La Jolla’s Bird Rock Elementary class embarks on community giving: Torrey Pines Rotary Club grants $500
Inspired by the poem “The Boy and the Starfish,” adapted from an essay by Loren Eiseley, first-grade students in Kristi Nelson’s class at Bird Rock Elementary School are striving to make a difference in their community and the world — one project at a time.
The poem (see below) is about a child making a difference to one starfish on the beach, which the class has taken to mean executing one project per month to make the world a better place. This year, the Torrey Pines Rotary Club gave the class a $500 grant to help them in their efforts.
“Our motto is ‘Be part of this world, not just in it,’ ” Nelson said. “So we’ve come up with nine Community World Outreach projects we’re going to do this year. We used to do one project at a time (as issues or disasters would occur), but parents have embraced this concept and wanted it planned out. If a disaster arises in between, we’ll help the affected community as well. But this way, we have a plan to serve the classroom motto.”
Earlier this year, the class collected school supplies for children in the Bahamas affected by Hurricane Dorian. This month, they’re collecting new or gently used children’s books for Rady’s Children’s Hospital Ronald McDonald House.
In November, the class will make sandwiches for homeless youth with Rotary International;
In December, they will sing holiday carols at Sunrise of La Jolla senior living facility;
In January, students will visit Feeding San Diego and complete a two-hour volunteer shift;
In February, they will participate in Dude Be Nice Week to encourage kindness at the school;
In March, they will decorate placemats and donate them to Meals on Wheels;
In April, they will raise money to help endangered animals; and
In May, there’s a cleanup planned for either the campus or the beach.
Enter the Rotary
On Oct. 14, Torrey Pines Rotary Club president Henri Migala presented the class with $500 to help them with these projects — whether that is to fund supply purchases or if a cause does not generate as much financial support as the class hoped.
“When our members learned about what Kristi was doing, we found it wonderfully inspirational,” Migala said.
“We connected to this concept of Community World Outreach because we are a local branch of a global organization, and the mission of Rotary International is ‘Service Above Self.’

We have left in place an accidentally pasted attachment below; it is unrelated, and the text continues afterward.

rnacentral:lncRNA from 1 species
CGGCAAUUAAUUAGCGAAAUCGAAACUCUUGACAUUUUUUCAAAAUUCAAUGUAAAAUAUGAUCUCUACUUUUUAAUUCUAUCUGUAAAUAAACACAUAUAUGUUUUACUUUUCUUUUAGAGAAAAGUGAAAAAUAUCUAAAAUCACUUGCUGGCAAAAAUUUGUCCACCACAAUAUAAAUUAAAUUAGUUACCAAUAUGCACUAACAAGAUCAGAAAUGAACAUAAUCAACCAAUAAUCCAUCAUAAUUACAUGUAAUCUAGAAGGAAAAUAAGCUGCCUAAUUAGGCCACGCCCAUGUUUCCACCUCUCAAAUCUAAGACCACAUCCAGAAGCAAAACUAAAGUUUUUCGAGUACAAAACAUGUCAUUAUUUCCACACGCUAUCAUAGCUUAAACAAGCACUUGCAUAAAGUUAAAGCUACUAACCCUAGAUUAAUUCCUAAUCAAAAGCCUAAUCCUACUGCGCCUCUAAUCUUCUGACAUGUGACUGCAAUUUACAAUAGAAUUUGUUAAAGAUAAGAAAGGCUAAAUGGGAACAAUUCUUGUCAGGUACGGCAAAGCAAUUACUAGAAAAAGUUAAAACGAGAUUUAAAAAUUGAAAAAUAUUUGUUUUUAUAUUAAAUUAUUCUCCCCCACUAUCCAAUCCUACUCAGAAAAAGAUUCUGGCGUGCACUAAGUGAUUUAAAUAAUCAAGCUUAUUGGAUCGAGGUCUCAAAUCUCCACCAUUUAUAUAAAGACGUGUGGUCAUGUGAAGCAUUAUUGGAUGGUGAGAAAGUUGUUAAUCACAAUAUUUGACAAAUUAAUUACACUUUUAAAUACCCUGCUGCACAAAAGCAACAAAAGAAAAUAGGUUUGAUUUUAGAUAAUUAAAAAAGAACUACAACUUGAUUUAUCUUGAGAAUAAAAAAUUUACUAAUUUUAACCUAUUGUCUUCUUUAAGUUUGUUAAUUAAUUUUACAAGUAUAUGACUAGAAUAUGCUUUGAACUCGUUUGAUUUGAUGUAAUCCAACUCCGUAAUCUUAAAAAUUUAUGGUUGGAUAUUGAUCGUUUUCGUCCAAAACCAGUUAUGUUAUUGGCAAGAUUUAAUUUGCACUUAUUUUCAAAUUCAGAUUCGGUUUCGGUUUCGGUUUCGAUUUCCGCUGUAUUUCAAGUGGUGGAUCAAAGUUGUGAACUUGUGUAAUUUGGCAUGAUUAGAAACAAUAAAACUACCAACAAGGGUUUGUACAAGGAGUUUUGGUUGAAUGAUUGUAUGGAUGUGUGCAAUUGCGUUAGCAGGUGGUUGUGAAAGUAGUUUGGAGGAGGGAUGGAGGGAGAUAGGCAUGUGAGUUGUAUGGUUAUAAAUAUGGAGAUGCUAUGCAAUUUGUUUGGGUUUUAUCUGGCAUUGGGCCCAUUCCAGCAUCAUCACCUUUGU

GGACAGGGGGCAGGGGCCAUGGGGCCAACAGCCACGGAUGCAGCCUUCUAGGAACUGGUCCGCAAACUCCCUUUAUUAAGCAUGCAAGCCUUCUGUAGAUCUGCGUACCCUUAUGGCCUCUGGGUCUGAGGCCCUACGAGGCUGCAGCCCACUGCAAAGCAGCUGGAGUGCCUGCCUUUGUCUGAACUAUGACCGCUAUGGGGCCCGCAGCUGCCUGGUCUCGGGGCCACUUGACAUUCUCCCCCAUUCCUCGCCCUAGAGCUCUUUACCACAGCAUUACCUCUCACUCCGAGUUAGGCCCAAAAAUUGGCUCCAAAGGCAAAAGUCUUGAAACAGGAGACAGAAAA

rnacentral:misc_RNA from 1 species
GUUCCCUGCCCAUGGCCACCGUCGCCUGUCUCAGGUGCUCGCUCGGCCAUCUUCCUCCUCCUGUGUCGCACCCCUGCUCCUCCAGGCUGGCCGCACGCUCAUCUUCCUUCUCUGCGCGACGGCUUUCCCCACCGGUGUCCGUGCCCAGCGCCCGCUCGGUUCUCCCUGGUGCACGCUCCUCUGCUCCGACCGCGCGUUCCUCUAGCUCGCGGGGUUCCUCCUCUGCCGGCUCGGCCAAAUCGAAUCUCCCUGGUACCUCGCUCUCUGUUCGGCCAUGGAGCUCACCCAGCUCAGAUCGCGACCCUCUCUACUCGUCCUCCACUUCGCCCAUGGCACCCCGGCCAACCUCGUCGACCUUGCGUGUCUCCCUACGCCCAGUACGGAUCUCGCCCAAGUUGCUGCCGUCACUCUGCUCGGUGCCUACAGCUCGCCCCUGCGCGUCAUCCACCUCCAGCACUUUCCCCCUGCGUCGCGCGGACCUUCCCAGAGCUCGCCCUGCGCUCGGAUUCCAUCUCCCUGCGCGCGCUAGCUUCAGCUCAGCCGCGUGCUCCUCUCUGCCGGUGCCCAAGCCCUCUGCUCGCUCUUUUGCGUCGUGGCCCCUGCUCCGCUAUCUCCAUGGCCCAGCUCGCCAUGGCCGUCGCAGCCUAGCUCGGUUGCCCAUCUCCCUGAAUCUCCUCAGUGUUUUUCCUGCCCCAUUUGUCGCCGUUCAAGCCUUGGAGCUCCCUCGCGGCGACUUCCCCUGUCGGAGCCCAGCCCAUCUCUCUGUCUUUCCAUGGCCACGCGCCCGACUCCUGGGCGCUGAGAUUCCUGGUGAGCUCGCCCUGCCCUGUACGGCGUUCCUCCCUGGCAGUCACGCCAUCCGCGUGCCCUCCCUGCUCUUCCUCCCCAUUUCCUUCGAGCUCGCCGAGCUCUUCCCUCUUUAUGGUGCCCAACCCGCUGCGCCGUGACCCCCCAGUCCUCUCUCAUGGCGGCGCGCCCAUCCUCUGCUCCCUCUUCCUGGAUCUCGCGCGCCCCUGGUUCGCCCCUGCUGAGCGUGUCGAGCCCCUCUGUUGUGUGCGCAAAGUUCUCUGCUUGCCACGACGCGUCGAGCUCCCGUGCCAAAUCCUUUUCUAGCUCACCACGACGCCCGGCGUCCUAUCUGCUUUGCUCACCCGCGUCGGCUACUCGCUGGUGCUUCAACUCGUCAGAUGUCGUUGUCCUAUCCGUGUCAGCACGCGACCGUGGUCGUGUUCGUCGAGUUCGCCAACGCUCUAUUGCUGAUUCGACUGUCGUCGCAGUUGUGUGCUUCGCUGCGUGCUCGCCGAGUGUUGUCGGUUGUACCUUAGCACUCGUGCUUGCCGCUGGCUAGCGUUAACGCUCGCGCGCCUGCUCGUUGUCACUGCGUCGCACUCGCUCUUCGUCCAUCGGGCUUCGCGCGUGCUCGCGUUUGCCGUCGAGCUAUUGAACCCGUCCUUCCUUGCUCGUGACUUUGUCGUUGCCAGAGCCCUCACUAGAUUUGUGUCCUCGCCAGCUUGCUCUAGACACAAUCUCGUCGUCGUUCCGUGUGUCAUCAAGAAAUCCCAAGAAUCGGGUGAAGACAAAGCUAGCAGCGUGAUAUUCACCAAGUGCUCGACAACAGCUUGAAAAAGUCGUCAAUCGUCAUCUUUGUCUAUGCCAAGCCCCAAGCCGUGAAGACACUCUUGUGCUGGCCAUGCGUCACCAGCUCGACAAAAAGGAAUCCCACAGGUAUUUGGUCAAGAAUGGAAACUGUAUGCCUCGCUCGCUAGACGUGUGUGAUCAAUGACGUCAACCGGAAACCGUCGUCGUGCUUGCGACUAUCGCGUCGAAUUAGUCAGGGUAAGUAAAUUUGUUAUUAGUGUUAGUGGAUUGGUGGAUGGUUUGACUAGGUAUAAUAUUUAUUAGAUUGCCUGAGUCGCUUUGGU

“What this class is doing seems to embody what our essence is … by giving to the local community and the world. What the kids are embracing really felt like something we wanted to support.”
He added that when it came to voting on which organizations to grant, Nelson’s classroom was a “no-brainer, top-of-the-list project to support” and that “it would have been impossible to consider not supporting the classroom.” Other projects the Club voted to back include the Care-N-Share Toy Drive, through which members collect and donate toys to shelters, orphanages and hospitals in San Diego and Tijuana; San Diego-based International Relief Teams; and paying for two middle-school students to attend Rotary’s LEAD (Leadership, Ethics, Aspirations & Determination) Conference.
During a sit-down with the class after the check presentation, Migala talked to students about Rotary’s mission and how it parallels their own. When asked how being of service makes them feel, some students exclaimed “excited,” and one student named Molly said it makes her “heart proud.”
Teacher Nelson, who is also a director on the Pacific Beach Town Council, said this initiative is just “a part of who I am,” and that volunteering is important to her. “I hope by doing all these things, I inspire those around me to get out there and do one thing. It has a ripple effect.”
So far, so good. Nelson reports students who have moved on from her class still participate in drives — such as this month’s book drive — and that she’s heard from parents their students want to do more.
“Students take what they learn here and continue it at home,” she said. “As long as I can reach one student at a time, it will snowball. Parents have told me their children want to help in their communities or go to Earth Day events. They learn to do one little thing at a time, just like the starfish.”
‘The Boy and the Starfish’
(Poem derived from ‘The Star Thrower’ book by Loren Eiseley)
One day a man was walking along the beach when he noticed a boy picking something up and gently throwing it into the ocean.
Approaching the boy, he asked, “What are you doing?”
The youth replied, “Throwing starfish back into the ocean. The surf is up and the tide is going out. If I don’t throw them back, they’ll die.”
“Son,” the man said, “don’t you realize there are miles and miles of beach and hundreds of starfish? You can’t make a difference!”
After listening politely, the boy bent down, picked up another starfish, and threw it back into the surf. Then, smiling at the man, he said: “I made a difference for that one.”
How to get involved: Anyone interested in helping may call Bird Rock Elementary for monthly project details at (858) 488-0537. Currently seeking new members, the Torrey Pines Rotary Club meets at noon Wednesdays at Rock Bottom Brewery, 8980 La Jolla Village Drive. torreypinesrotary.org